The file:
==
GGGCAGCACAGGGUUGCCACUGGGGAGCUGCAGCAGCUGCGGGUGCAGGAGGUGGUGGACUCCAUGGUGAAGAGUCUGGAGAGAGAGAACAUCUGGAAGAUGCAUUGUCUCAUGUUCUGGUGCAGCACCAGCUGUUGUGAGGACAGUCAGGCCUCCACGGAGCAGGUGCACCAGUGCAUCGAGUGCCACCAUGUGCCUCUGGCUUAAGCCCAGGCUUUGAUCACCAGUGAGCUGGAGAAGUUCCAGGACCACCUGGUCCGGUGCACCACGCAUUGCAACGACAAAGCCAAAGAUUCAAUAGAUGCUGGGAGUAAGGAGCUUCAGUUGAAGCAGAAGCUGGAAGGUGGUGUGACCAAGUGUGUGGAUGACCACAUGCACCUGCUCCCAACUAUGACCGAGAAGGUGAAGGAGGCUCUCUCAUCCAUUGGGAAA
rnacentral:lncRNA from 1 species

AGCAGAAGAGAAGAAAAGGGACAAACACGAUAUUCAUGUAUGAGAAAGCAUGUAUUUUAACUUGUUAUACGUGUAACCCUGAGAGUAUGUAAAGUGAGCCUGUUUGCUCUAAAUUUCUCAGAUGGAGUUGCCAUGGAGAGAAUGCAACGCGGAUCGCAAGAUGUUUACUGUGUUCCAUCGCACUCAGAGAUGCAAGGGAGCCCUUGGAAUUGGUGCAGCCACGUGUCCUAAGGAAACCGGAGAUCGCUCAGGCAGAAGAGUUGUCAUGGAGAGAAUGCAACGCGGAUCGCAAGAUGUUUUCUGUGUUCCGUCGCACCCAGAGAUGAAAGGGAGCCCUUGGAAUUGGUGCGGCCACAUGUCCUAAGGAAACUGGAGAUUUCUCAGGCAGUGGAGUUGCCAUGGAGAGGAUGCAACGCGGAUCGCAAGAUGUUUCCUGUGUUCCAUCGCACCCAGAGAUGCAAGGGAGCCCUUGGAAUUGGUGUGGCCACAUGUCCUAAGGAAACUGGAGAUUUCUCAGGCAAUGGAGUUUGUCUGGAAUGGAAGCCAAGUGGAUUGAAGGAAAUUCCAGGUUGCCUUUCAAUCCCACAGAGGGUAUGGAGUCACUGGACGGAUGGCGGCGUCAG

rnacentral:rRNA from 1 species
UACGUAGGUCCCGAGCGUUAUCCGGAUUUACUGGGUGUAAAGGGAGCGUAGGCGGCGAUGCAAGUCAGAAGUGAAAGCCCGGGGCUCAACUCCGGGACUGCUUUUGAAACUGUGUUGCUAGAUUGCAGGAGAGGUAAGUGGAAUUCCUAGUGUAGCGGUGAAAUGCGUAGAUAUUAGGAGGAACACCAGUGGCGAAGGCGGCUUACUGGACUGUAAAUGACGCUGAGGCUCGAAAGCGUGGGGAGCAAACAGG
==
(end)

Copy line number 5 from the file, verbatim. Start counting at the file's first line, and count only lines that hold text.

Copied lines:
UACGUAGGUCCCGAGCGUUAUCCGGAUUUACUGGGUGUAAAGGGAGCGUAGGCGGCGAUGCAAGUCAGAAGUGAAAGCCCGGGGCUCAACUCCGGGACUGCUUUUGAAACUGUGUUGCUAGAUUGCAGGAGAGGUAAGUGGAAUUCCUAGUGUAGCGGUGAAAUGCGUAGAUAUUAGGAGGAACACCAGUGGCGAAGGCGGCUUACUGGACUGUAAAUGACGCUGAGGCUCGAAAGCGUGGGGAGCAAACAGG